Soda

George Costanza from “Seinfeld” may think “Soda” is a great child’s name.  But its not such a great drink for your kids.  Personally, I never drink carbonated soft drinks (CSD).  The large consensus of data demonstrates a clear link of CSD and obesity.  And, I will add, be careful what you read: if that article concludes otherwise, you should consider the source.  Note the concentration of sugar in CSD here.  We should also keep in mind that the sugars in CSD since 1984 have come from high fructose corn syrup (HFCS).  Why?  Because its cheaper than sucrose, of course!!  The beverage industry has long argued that “sugar is sugar.”  However, strong and growing evidence strongly suggests otherwise.

We must also keep in mind the caffeine content of CSDs.  Given the stresses and challenges to our children’s healthy sleep, I strongly urge parents to avoid all caffeine in children’s diets.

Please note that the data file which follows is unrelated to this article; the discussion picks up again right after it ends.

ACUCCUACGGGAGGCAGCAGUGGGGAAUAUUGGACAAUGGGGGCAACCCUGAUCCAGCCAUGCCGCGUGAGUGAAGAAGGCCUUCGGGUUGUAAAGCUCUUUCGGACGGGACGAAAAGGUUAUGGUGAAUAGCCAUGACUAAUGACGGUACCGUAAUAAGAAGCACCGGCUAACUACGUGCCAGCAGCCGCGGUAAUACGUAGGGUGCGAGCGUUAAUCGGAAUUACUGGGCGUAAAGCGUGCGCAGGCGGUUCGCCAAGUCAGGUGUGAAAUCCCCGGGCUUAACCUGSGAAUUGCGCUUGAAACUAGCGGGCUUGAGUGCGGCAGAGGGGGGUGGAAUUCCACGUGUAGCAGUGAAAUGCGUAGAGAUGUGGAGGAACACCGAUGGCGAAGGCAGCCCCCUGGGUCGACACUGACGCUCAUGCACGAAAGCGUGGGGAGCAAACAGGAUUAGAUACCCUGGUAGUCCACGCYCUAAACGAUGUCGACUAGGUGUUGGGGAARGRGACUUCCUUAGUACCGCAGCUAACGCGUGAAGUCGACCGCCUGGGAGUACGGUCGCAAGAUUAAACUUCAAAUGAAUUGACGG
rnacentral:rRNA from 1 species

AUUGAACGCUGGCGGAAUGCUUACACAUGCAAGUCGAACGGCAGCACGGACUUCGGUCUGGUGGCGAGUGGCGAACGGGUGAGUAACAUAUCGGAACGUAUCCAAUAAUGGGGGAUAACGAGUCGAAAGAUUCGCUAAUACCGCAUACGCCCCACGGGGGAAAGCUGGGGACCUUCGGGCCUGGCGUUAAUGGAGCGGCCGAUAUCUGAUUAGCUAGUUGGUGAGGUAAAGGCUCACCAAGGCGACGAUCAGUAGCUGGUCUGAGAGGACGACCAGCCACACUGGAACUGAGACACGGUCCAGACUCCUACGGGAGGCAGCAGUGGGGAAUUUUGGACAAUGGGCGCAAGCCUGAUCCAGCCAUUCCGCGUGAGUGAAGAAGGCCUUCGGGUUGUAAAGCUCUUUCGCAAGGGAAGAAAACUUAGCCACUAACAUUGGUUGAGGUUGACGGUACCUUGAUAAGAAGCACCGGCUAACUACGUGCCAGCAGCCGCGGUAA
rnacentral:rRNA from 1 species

Some feel that diet soda and artificial  sweeteners are the answer.  The FDA does take the position “that aspartame is safe as a general purpose sweetener in food.”  And the American Cancer Society has studied the subject carefully and has found no undue risk in their use.  But there are persistent and mostly legitimate concerns.  I advise against them.

By the way, when it comes to sugar, sports drinks (gatorade, powerade, others) aren’t necessarily much better.  And even fruit juices can be loaded with calories.  

The good news is that we as  society seem  to be getting the message.  I encourage my parents to continue along those lines. My advise–some fruit juice with breakfast is fine.  The rest of the day eat fruit for that nutrition–the fiber naturally contained with the juice is much healthier.  The rest of the day drink water or club soda sweetened with lemon or lime, and low fat or skim milk.

Please send along questions or comments, and thanks for following.

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